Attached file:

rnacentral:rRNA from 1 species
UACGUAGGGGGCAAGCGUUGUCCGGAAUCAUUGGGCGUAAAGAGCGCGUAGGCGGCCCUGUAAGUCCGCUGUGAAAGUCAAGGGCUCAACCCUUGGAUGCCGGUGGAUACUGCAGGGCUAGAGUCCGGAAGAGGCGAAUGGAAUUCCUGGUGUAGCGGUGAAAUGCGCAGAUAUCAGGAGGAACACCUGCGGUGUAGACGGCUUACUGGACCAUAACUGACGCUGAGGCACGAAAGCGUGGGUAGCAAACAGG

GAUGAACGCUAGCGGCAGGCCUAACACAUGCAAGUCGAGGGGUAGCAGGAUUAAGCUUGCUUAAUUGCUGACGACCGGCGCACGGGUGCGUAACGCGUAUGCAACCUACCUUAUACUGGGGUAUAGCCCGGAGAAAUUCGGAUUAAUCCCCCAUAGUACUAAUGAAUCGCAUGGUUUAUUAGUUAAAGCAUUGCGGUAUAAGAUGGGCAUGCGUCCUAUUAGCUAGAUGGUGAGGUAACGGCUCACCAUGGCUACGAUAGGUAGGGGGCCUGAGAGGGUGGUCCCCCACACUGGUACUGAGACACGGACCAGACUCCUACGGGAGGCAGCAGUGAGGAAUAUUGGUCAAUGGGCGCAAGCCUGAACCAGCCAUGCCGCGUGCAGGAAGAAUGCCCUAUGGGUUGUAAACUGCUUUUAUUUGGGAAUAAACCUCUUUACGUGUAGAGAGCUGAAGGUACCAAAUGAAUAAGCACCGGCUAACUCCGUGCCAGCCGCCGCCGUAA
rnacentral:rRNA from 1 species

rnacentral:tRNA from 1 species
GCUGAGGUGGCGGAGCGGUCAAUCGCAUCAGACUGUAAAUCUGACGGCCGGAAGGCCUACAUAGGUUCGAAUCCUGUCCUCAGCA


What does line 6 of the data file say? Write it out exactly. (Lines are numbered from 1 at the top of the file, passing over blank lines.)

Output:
GCUGAGGUGGCGGAGCGGUCAAUCGCAUCAGACUGUAAAUCUGACGGCCGGAAGGCCUACAUAGGUUCGAAUCCUGUCCUCAGCA